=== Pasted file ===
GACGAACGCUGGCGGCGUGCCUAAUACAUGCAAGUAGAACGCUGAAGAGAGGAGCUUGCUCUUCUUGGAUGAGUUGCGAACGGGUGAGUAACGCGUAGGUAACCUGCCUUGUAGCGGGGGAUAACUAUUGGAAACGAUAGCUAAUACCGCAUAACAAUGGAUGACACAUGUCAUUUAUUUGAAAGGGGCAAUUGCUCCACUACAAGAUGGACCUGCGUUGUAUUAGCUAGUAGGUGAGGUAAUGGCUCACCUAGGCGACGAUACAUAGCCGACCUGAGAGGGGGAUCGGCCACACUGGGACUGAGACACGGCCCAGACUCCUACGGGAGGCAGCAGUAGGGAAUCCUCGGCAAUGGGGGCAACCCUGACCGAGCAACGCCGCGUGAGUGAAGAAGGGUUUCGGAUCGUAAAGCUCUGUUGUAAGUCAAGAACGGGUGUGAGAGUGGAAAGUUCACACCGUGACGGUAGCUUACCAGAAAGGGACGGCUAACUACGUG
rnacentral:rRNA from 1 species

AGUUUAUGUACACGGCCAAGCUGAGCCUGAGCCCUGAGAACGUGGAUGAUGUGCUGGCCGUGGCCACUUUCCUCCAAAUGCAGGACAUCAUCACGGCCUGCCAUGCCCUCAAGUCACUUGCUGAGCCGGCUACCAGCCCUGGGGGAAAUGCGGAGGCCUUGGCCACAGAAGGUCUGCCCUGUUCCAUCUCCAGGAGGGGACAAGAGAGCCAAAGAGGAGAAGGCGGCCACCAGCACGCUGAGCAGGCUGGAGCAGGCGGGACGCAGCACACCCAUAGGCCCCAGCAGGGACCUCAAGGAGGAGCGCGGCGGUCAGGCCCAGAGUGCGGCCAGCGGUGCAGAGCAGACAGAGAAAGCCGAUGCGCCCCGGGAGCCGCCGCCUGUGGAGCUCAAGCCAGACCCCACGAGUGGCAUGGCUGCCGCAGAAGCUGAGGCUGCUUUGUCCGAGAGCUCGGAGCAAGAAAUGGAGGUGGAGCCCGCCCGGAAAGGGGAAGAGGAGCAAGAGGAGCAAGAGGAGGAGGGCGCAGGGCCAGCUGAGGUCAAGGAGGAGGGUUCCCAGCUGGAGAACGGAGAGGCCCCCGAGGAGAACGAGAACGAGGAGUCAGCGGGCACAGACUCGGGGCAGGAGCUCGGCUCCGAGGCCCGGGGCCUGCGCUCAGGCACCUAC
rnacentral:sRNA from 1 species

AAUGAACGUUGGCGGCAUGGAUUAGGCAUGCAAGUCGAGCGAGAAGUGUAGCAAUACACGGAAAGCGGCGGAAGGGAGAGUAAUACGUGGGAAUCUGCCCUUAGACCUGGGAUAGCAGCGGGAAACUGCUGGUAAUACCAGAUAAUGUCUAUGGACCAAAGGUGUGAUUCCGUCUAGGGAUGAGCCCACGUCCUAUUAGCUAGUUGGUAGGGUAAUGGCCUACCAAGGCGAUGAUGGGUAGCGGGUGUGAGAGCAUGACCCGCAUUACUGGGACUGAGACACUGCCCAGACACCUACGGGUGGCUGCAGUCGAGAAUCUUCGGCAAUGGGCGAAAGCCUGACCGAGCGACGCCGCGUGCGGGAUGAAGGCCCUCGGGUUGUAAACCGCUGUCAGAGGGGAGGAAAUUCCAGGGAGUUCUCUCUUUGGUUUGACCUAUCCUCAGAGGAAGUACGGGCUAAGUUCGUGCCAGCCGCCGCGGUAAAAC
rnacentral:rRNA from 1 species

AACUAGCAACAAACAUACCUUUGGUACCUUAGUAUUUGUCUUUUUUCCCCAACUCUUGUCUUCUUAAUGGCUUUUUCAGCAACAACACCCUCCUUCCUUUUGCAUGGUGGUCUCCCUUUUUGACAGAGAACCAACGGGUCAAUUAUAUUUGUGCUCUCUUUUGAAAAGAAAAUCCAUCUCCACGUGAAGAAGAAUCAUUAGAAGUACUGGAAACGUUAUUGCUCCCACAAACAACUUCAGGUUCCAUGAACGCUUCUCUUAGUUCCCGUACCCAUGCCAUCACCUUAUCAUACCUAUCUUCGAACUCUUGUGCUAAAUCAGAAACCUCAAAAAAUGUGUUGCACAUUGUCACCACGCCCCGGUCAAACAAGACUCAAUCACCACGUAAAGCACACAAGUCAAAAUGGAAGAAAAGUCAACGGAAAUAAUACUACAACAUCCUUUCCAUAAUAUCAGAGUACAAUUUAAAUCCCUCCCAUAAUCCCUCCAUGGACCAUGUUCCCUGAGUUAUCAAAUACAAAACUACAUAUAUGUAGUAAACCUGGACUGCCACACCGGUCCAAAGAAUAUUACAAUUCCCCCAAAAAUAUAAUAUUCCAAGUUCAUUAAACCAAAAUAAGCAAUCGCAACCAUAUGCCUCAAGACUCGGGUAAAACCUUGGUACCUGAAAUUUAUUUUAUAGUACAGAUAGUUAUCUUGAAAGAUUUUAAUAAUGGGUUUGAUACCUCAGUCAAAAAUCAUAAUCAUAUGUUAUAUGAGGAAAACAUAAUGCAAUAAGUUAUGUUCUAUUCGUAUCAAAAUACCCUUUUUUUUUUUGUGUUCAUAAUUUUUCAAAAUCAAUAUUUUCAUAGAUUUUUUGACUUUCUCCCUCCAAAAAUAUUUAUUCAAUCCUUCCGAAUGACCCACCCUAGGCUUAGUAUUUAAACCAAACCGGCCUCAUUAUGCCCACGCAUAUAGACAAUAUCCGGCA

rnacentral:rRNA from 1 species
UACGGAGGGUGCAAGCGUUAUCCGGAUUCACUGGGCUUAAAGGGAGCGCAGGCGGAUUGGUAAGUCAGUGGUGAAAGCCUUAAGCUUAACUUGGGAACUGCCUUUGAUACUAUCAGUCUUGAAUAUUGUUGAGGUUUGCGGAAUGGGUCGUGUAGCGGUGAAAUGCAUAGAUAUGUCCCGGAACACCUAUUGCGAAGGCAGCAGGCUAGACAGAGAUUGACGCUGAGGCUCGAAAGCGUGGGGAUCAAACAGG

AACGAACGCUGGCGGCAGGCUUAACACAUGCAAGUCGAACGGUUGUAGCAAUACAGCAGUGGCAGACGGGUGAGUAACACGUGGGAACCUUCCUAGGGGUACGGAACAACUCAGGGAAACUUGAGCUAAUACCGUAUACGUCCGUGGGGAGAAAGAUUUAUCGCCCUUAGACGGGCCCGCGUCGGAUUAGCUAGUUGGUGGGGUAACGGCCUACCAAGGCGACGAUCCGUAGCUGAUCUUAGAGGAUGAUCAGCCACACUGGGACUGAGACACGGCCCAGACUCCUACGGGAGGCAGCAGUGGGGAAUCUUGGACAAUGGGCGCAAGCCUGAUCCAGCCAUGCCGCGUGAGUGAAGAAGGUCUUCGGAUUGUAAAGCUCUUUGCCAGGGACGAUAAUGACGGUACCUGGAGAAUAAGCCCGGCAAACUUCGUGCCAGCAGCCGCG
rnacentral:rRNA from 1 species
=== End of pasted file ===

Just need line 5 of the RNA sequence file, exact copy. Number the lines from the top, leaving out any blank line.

AAUGAACGUUGGCGGCAUGGAUUAGGCAUGCAAGUCGAGCGAGAAGUGUAGCAAUACACGGAAAGCGGCGGAAGGGAGAGUAAUACGUGGGAAUCUGCCCUUAGACCUGGGAUAGCAGCGGGAAACUGCUGGUAAUACCAGAUAAUGUCUAUGGACCAAAGGUGUGAUUCCGUCUAGGGAUGAGCCCACGUCCUAUUAGCUAGUUGGUAGGGUAAUGGCCUACCAAGGCGAUGAUGGGUAGCGGGUGUGAGAGCAUGACCCGCAUUACUGGGACUGAGACACUGCCCAGACACCUACGGGUGGCUGCAGUCGAGAAUCUUCGGCAAUGGGCGAAAGCCUGACCGAGCGACGCCGCGUGCGGGAUGAAGGCCCUCGGGUUGUAAACCGCUGUCAGAGGGGAGGAAAUUCCAGGGAGUUCUCUCUUUGGUUUGACCUAUCCUCAGAGGAAGUACGGGCUAAGUUCGUGCCAGCCGCCGCGGUAAAAC